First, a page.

But why would Martel turn to Di Benedetto for such an avant-garde project? The answer lies in her attraction to the existential crisis at the center of the novel. Dedicated to the “victims of expectation,” it recounts Don Diego’s spiritual breakdown in systematic, Dostoevskian fashion. Like Raskolnikov from Crime and Punishment or Ivan from The Brothers Karamazov, Don Diego suffers helplessly as larger systems of meaning fail. But where Dostoevsky’s characters operate against the backdrop of divine grace, Zama offers its protagonist no theological possibility of redemption: God, as Don Diego imagines him, is lonely, angry, and malevolent, nothing more than “an old man with white hair and beard, sitting on a rock in fatigued contemplation of a mute universe.”
If the breakdown of religious certainty ensnares Di Benedetto’s Don Diego in a cycle of frenetic despair, for Martel this same disruption creates new opportunities and freedoms. Now an admitted atheist, Martel grew up a fervent Catholic. In an interview she reveals that as she entered adulthood, her earlier piety gave way to a sudden, intense skepticism. She explains that this “divine abandonment” was hardly “sad or paralyzing” but instead “immense and marvelous.” Paradoxically, her loss of faith enabled a deeper appreciation of the wonder and mystery of the world. In another interview, Martel applies the same logic to Don Diego, equating his spiritual breakdown with a religious journey into the wilderness:
“When you go to the desert—and that’s why the anchorites and the mystics went to the desert—you face that terrible encounter with the universe, especially at night, where darkness allows us to see better. And we are outdoors, without all the inventions with which we have concealed the enormous absurdity of existence, and for that very reason, it’s something wonderful. In my films I try to create the outdoors.”
In this sense, Martel’s Zama traces a theological via negativa (which arrives at the knowledge of God by stating what God is not). It takes us “outdoors,” that is, away from our conventional idols and familiar patterns of thinking. Any breakdown, Martel hints, only seems like the end; in reality, it’s the mysterious start of something new.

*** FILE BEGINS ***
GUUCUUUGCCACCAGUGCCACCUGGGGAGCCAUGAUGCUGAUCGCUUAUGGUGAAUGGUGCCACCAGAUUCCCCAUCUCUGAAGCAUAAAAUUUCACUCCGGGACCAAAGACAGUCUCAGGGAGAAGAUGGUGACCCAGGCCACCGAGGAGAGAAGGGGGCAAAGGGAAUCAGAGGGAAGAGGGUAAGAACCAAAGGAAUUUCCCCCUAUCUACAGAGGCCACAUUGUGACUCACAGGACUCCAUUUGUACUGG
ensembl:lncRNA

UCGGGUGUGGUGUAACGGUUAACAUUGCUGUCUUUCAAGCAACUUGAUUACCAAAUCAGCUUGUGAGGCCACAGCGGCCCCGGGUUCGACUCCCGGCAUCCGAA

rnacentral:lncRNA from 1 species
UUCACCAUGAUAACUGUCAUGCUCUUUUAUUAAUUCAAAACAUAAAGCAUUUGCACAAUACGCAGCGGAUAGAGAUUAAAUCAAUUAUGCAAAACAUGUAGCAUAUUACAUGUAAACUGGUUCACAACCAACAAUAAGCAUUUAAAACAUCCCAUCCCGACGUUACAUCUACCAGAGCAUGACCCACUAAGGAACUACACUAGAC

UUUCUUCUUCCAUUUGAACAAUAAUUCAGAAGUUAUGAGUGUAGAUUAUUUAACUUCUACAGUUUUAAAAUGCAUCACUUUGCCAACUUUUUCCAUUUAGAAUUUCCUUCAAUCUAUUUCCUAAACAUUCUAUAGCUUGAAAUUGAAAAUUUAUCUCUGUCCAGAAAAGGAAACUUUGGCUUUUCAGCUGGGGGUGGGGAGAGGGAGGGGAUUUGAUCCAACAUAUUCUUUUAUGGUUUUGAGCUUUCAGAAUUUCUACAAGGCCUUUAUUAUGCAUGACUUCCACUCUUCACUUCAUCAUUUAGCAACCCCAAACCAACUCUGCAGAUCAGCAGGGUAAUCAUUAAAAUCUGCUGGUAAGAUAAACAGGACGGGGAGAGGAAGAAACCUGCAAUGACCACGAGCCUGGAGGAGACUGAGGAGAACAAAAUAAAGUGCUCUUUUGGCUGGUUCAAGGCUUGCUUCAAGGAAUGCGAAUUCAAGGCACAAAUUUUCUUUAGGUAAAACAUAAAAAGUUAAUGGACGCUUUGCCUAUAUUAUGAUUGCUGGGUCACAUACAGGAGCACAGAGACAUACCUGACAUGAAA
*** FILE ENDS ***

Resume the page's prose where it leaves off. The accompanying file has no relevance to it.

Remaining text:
Though hardly a mystic and far from a saint, in the film’s final segment Don Diego makes a journey into the wilderness that leaves him physically mutilated but spiritually liberated. Hoping to finally secure his transfer, he enlists with a group of soldiers charged with tracking down and killing Vicuña Porto, a local bandit. The quest instantly devolves into a spectacular failure. Now wizened and frail, Don Diego is captured and tortured by indigenous warriors, and then betrayed by a member of his own group (who turns out to be Vicuña himself). As if mirroring Don Diego’s consciousness, Martel shoots the entire sequence (at over thirty minutes, it feels like a separate film) with dreamlike pacing, now fast and energetic, now slow and bewildering.
The ordeal culminates in the brutal amputation of Don Diego’s forearms, but Martel never strips her protagonist of his personhood. Bloodied, dehydrated, and bound by the neck, he comes to terms with the reality that his hopes for a transfer, like the riches sought by his captors, have always been illusory. He meets it not with despair or even stoic indifference but rather with an almost holy reverence for his shattered life: choosing not to bleed to death, he eventually is rescued by two Guaranís paddling a canoe. Martel again shoots him in close-up, barely alive but beginning to smile as light, festive music plays (the soundtrack features Los Indios Tabajaras, a mid-twentieth-century Brazilian guitar duo). It’s a reversal of the llama scene: Don Diego’s dignity is restored as he affirms, with a scarcely audible gasp, that yes, he wants to live.
Martel likes to call Zama a film with a happy ending. And there is a way in which the loss of certainty and security can be paradoxically productive, even generative of hope. In our time of political division and spiritual confusion, Martel’s cinema offers us a way of reframing what might otherwise seem like pure disaster. The way forward is hardly certain. But as the mystics dear to Martel demonstrate, even dark paths can lead us to freedom. As with Don Diego, it will probably cost us something, maybe even something very dear. Better, though, to enter life maimed than to be thrown into eternal fire.